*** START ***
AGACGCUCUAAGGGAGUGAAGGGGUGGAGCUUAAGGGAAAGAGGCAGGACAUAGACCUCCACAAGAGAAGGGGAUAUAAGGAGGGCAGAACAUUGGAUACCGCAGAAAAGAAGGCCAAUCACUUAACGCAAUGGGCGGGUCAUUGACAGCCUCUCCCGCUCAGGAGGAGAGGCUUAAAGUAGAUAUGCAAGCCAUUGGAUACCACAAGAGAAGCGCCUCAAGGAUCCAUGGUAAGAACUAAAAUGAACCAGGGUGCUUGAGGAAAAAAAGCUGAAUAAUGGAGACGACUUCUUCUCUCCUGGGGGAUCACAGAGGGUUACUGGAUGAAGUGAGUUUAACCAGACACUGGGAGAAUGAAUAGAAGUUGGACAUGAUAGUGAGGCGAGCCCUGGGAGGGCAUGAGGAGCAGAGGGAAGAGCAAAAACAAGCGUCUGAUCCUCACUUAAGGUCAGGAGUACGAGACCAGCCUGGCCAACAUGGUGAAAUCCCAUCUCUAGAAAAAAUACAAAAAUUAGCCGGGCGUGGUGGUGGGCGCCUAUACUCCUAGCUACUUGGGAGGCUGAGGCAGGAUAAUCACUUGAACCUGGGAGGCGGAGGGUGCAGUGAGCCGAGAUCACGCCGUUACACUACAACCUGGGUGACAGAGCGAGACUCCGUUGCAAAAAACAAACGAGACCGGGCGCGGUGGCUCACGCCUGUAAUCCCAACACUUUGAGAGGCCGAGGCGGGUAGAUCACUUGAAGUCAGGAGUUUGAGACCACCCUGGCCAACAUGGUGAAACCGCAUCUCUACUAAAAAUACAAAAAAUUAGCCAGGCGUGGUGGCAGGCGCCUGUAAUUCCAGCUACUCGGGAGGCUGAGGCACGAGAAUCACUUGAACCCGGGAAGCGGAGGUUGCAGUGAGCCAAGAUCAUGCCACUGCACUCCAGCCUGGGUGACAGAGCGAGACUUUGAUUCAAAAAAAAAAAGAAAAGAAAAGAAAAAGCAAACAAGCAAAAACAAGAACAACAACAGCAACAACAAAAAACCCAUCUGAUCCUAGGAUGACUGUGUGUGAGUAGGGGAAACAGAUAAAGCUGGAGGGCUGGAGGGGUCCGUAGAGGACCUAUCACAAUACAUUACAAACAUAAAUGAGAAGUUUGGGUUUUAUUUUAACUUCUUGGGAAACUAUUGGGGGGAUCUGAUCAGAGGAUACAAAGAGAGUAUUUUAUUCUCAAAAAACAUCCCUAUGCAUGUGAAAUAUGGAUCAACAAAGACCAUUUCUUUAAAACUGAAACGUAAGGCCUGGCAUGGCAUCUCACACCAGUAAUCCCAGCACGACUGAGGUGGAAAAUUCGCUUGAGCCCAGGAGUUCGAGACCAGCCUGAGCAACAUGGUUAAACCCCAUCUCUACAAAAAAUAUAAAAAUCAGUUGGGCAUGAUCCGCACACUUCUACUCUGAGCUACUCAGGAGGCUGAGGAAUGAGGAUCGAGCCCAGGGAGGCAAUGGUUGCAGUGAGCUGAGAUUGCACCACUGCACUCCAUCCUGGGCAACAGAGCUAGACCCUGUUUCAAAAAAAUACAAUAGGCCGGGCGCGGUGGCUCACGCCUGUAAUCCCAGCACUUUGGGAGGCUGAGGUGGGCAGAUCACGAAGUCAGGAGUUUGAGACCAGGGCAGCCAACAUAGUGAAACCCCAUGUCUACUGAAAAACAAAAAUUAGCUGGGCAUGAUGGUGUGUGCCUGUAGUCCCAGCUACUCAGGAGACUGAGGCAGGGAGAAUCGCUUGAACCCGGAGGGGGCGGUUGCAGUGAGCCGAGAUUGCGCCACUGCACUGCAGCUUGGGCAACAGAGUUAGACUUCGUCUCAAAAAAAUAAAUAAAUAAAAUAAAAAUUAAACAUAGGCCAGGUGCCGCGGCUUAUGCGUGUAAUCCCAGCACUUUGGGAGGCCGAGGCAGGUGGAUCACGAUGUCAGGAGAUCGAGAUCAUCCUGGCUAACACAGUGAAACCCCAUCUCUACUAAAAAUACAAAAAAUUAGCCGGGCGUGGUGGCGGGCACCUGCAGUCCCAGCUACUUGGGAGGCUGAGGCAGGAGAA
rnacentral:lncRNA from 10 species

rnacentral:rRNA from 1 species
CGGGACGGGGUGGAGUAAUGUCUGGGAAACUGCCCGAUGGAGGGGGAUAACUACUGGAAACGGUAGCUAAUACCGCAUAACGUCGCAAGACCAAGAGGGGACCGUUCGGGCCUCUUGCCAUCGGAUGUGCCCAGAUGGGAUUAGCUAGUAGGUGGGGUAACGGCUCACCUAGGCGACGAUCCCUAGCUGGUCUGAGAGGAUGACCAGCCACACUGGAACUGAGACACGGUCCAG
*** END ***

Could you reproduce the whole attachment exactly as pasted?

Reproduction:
AGACGCUCUAAGGGAGUGAAGGGGUGGAGCUUAAGGGAAAGAGGCAGGACAUAGACCUCCACAAGAGAAGGGGAUAUAAGGAGGGCAGAACAUUGGAUACCGCAGAAAAGAAGGCCAAUCACUUAACGCAAUGGGCGGGUCAUUGACAGCCUCUCCCGCUCAGGAGGAGAGGCUUAAAGUAGAUAUGCAAGCCAUUGGAUACCACAAGAGAAGCGCCUCAAGGAUCCAUGGUAAGAACUAAAAUGAACCAGGGUGCUUGAGGAAAAAAAGCUGAAUAAUGGAGACGACUUCUUCUCUCCUGGGGGAUCACAGAGGGUUACUGGAUGAAGUGAGUUUAACCAGACACUGGGAGAAUGAAUAGAAGUUGGACAUGAUAGUGAGGCGAGCCCUGGGAGGGCAUGAGGAGCAGAGGGAAGAGCAAAAACAAGCGUCUGAUCCUCACUUAAGGUCAGGAGUACGAGACCAGCCUGGCCAACAUGGUGAAAUCCCAUCUCUAGAAAAAAUACAAAAAUUAGCCGGGCGUGGUGGUGGGCGCCUAUACUCCUAGCUACUUGGGAGGCUGAGGCAGGAUAAUCACUUGAACCUGGGAGGCGGAGGGUGCAGUGAGCCGAGAUCACGCCGUUACACUACAACCUGGGUGACAGAGCGAGACUCCGUUGCAAAAAACAAACGAGACCGGGCGCGGUGGCUCACGCCUGUAAUCCCAACACUUUGAGAGGCCGAGGCGGGUAGAUCACUUGAAGUCAGGAGUUUGAGACCACCCUGGCCAACAUGGUGAAACCGCAUCUCUACUAAAAAUACAAAAAAUUAGCCAGGCGUGGUGGCAGGCGCCUGUAAUUCCAGCUACUCGGGAGGCUGAGGCACGAGAAUCACUUGAACCCGGGAAGCGGAGGUUGCAGUGAGCCAAGAUCAUGCCACUGCACUCCAGCCUGGGUGACAGAGCGAGACUUUGAUUCAAAAAAAAAAAGAAAAGAAAAGAAAAAGCAAACAAGCAAAAACAAGAACAACAACAGCAACAACAAAAAACCCAUCUGAUCCUAGGAUGACUGUGUGUGAGUAGGGGAAACAGAUAAAGCUGGAGGGCUGGAGGGGUCCGUAGAGGACCUAUCACAAUACAUUACAAACAUAAAUGAGAAGUUUGGGUUUUAUUUUAACUUCUUGGGAAACUAUUGGGGGGAUCUGAUCAGAGGAUACAAAGAGAGUAUUUUAUUCUCAAAAAACAUCCCUAUGCAUGUGAAAUAUGGAUCAACAAAGACCAUUUCUUUAAAACUGAAACGUAAGGCCUGGCAUGGCAUCUCACACCAGUAAUCCCAGCACGACUGAGGUGGAAAAUUCGCUUGAGCCCAGGAGUUCGAGACCAGCCUGAGCAACAUGGUUAAACCCCAUCUCUACAAAAAAUAUAAAAAUCAGUUGGGCAUGAUCCGCACACUUCUACUCUGAGCUACUCAGGAGGCUGAGGAAUGAGGAUCGAGCCCAGGGAGGCAAUGGUUGCAGUGAGCUGAGAUUGCACCACUGCACUCCAUCCUGGGCAACAGAGCUAGACCCUGUUUCAAAAAAAUACAAUAGGCCGGGCGCGGUGGCUCACGCCUGUAAUCCCAGCACUUUGGGAGGCUGAGGUGGGCAGAUCACGAAGUCAGGAGUUUGAGACCAGGGCAGCCAACAUAGUGAAACCCCAUGUCUACUGAAAAACAAAAAUUAGCUGGGCAUGAUGGUGUGUGCCUGUAGUCCCAGCUACUCAGGAGACUGAGGCAGGGAGAAUCGCUUGAACCCGGAGGGGGCGGUUGCAGUGAGCCGAGAUUGCGCCACUGCACUGCAGCUUGGGCAACAGAGUUAGACUUCGUCUCAAAAAAAUAAAUAAAUAAAAUAAAAAUUAAACAUAGGCCAGGUGCCGCGGCUUAUGCGUGUAAUCCCAGCACUUUGGGAGGCCGAGGCAGGUGGAUCACGAUGUCAGGAGAUCGAGAUCAUCCUGGCUAACACAGUGAAACCCCAUCUCUACUAAAAAUACAAAAAAUUAGCCGGGCGUGGUGGCGGGCACCUGCAGUCCCAGCUACUUGGGAGGCUGAGGCAGGAGAA
rnacentral:lncRNA from 10 species

rnacentral:rRNA from 1 species
CGGGACGGGGUGGAGUAAUGUCUGGGAAACUGCCCGAUGGAGGGGGAUAACUACUGGAAACGGUAGCUAAUACCGCAUAACGUCGCAAGACCAAGAGGGGACCGUUCGGGCCUCUUGCCAUCGGAUGUGCCCAGAUGGGAUUAGCUAGUAGGUGGGGUAACGGCUCACCUAGGCGACGAUCCCUAGCUGGUCUGAGAGGAUGACCAGCCACACUGGAACUGAGACACGGUCCAG